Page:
After undergoing a training program for new volunteers, I started my work in the ministry in June 2004 with the permission of my major superiors. I stay with another experienced sister in the quarters allotted to sister volunteers of the prison ministry, close to the central prison in Bengaluru [southern India]. I hope to serve the prisoners and their families as long as I can.

How has the COVID-19 pandemic affected your ministry?

Our visits to the central prison in Bengaluru are suspended because of the severe impact of COVID-19. But as a member of the prison advisory board, I was invited to the administrative section of the prison in May 2020 to participate in a meeting in preparation for the premature release of convicted prisoners who had completed 14 years in jail.

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Sr. Adele Korah lights a lamp at the 2021 International Women's Day celebrations held in Bengaluru, India, for the families and relatives of prisoners. (Courtesy of Adele Korah)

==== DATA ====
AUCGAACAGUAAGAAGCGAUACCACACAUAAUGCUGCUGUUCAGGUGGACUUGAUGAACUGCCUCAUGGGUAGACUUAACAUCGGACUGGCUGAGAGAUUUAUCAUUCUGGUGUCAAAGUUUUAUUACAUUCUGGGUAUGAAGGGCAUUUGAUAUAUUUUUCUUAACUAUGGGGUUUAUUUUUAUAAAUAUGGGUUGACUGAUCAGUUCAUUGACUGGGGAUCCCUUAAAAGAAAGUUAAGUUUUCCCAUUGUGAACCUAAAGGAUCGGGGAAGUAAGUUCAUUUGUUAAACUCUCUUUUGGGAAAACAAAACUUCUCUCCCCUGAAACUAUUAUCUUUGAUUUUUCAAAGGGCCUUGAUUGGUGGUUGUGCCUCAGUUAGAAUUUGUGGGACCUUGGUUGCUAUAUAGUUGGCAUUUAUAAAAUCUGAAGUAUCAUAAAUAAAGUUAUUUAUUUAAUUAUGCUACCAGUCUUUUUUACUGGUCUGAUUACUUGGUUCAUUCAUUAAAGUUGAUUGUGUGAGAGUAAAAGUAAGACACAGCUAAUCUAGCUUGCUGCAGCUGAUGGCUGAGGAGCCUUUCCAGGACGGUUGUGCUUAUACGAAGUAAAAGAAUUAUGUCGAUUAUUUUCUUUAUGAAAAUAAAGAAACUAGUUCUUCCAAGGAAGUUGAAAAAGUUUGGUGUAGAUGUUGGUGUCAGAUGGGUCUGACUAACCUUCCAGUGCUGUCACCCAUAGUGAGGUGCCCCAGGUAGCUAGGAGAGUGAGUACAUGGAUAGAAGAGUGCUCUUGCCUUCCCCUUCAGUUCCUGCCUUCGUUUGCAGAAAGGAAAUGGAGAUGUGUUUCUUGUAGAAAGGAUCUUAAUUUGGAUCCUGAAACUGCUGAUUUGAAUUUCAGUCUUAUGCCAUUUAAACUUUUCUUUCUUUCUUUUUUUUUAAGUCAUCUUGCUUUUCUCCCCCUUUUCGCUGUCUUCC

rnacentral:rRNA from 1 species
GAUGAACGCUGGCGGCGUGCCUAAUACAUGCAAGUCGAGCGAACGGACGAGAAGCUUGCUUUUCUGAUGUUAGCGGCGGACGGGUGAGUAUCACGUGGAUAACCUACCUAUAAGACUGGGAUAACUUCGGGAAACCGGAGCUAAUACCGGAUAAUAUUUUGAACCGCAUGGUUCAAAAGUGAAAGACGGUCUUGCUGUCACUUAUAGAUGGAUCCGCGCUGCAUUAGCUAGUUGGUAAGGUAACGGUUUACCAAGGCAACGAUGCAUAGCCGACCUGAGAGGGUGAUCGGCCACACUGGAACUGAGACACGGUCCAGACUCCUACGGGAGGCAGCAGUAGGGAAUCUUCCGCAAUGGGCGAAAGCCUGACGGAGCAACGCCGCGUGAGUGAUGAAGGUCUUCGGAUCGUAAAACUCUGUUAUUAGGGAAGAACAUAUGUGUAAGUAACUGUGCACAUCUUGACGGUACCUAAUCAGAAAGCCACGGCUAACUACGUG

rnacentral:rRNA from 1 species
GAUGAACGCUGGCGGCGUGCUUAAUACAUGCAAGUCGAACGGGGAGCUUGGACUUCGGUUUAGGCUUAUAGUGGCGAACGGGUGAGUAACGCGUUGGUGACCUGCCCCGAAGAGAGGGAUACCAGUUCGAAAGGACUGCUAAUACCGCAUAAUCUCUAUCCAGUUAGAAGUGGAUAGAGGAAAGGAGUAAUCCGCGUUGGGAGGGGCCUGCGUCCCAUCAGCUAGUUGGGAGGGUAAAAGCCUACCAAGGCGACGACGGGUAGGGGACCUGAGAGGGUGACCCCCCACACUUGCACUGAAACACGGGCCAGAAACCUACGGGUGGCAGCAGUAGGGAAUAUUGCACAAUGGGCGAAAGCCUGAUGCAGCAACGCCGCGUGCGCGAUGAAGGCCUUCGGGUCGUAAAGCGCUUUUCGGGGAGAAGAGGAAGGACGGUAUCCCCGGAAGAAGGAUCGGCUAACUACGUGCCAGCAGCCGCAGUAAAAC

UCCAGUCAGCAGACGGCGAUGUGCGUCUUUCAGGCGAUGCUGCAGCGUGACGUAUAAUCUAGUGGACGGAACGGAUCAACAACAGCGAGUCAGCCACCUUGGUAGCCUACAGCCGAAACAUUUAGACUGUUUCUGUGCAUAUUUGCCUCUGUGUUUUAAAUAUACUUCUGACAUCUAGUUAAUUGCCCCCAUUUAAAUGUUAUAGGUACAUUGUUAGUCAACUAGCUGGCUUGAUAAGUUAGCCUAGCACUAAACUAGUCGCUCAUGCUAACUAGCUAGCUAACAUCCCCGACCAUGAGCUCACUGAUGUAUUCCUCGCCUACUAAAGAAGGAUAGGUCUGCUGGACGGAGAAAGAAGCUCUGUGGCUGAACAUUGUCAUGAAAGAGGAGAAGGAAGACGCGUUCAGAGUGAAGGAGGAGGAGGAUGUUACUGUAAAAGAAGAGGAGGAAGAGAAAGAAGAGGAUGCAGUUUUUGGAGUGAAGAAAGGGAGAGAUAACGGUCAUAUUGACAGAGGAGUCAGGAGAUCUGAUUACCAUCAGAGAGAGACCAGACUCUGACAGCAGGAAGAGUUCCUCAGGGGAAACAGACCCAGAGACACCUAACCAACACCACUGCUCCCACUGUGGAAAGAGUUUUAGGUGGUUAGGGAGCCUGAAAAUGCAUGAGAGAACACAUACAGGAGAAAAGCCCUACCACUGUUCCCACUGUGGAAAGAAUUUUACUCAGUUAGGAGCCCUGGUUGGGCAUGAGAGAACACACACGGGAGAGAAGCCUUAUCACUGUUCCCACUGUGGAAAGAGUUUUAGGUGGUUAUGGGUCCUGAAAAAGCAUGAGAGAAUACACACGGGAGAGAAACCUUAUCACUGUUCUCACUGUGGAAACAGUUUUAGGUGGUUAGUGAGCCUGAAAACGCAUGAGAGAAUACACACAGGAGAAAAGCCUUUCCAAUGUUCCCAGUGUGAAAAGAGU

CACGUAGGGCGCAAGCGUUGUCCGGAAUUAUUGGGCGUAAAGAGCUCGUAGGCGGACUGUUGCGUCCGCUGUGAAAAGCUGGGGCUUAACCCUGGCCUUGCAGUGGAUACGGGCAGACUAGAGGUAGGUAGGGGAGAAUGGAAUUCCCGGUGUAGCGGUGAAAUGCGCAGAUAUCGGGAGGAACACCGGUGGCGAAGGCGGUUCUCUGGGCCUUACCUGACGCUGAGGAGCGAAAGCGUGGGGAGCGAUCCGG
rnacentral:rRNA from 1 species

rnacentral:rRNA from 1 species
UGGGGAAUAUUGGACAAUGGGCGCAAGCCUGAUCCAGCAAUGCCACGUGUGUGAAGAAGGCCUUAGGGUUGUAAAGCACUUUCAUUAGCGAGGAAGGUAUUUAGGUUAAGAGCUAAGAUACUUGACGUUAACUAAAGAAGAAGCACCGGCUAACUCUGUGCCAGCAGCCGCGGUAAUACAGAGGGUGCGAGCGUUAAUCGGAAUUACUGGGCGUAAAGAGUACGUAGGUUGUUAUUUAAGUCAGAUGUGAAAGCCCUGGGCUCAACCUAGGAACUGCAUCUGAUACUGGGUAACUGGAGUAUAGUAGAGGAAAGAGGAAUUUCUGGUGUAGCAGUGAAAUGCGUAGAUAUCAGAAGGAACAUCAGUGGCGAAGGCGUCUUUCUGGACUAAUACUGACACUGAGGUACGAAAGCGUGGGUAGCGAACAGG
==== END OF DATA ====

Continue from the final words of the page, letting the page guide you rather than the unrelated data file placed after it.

Sr. Adele Korah lights a lamp at the 2021 International Women's Day celebrations held in Bengaluru, India, for the families and relatives of prisoners. (Courtesy of Adele Korah)

Although regular visits to prison are not possible during the lockdown period, we reach out to the families of prisoners and provide school fees for their children. We got their bank details through the prison officials.

We have provided food and medicine for the prisoners' families. We also provide food materials to the prisoners' families during lockdown. Several released prisoners contacted us for financial help for the medical care of family members. We have been able to provide online services to all the families of prisoners who contacted us.

We were able to provide jobs to several released prisoners. Many of them were given money to go home.